Alternatives to controversial weed killer 'ineffective and expensive', hears committee

Gardener Fay Sizer digs in compost to the soil in the Red and Lime Garden at Yeo Valley's Organic Ga

Some campaign groups would like the controversial pesticide to be banned in Havering. - Credit: PA

Havering will continue to use a controversial herbicide as alternative measures have been deemed ineffective and expensive, a committee heard. 

Campaign groups in the borough have previously called for the use of glyphosate to be halted, as some studies found it may be carcinogenic”. 

However, a report to Havering Council’s environment overview and scrutiny subcommittee on Tuesday, November 30, outlined the reasons for its continued use. 

Presenting the report to councillors, waste manager Jacki Ager noted the EU had relicensed the chemical up to the end of 2022 and studies suggesting a hazard to human health had been conducted in large-scale agricultural use. 

Havering currently takes an integrated approach to weed management, including the use of herbicides such as glyphosate and "manual suppressants" - pulling or strimming. 

It uses a diluted form of glyphosate, which contains COSHH (control of substances hazardous to health) warning.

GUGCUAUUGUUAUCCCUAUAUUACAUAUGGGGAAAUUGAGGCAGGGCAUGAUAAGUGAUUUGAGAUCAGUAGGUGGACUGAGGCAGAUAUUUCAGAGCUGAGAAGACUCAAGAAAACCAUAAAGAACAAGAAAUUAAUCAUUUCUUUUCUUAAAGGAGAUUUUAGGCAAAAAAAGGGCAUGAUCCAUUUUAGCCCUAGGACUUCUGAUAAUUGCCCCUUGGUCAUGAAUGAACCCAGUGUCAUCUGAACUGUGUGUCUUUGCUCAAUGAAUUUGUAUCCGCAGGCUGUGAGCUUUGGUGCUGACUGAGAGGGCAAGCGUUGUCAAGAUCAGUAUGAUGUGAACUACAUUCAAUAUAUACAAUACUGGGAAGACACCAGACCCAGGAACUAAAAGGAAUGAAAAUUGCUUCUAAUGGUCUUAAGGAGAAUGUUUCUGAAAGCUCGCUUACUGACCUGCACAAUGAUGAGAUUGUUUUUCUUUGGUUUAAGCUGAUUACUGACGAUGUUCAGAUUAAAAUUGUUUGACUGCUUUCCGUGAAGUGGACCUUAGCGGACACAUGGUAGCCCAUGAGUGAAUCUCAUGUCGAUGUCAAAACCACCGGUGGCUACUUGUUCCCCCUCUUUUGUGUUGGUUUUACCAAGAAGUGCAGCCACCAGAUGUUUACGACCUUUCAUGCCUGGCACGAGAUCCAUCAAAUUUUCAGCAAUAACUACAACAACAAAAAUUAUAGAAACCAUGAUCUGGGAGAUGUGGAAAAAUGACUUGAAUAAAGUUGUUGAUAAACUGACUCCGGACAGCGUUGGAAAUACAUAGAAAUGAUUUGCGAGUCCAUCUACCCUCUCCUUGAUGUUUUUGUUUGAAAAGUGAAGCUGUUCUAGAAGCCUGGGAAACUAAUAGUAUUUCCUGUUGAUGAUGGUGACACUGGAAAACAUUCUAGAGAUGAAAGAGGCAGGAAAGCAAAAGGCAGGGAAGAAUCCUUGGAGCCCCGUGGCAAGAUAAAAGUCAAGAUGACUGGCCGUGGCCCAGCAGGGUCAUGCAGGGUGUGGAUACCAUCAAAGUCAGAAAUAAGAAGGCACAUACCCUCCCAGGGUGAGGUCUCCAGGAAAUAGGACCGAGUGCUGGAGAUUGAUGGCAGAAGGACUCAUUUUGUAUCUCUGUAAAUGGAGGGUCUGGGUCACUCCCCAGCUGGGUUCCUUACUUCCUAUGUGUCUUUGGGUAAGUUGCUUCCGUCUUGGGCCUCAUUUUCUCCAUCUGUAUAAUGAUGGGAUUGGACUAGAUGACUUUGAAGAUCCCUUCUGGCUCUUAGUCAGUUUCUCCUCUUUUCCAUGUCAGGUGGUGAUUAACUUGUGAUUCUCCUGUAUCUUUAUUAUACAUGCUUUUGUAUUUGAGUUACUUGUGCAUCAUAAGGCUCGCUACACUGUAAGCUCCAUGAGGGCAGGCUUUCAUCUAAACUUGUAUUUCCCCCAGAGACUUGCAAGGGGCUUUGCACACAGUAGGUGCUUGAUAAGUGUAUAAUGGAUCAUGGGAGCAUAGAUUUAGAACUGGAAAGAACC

The council officer explained that use of the product was kept mainly to highways, with grass verges, parks and open spaces avoided. 

Ms Ager also noted some councils had adopted a “precautionary” approach to the use of the herbicide, and claimed some authorities which had trialled alternative methods had returned to glyphosate due to “reduced efficacy". 

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Hammersmith and Fulham borough has been pesticide-free since 2016. 

She said: “Some of these alternative methods such as foam treatments which have been trialled in Havering and acetic acid, which has been trialled in neighbouring Redbridge, are difficult to scale up to a borough of Havering’s size and represent a substantial cost differential.” 

Ian Pirie, co-ordinator of Havering Friends of the Earth, said the level of debate was “astonishingly poor”, noting a number of councillors who spoke had not heard of the chemical before. 

“The only positive outcome in my opinion was that the author of the report acknowledged that there is a controversy about glyphosate, and said she was open to further evidence,” he said. 

A petition calling for an end to the use of glyphosate by the borough has been signed by nearly 300 people. 

View it here.

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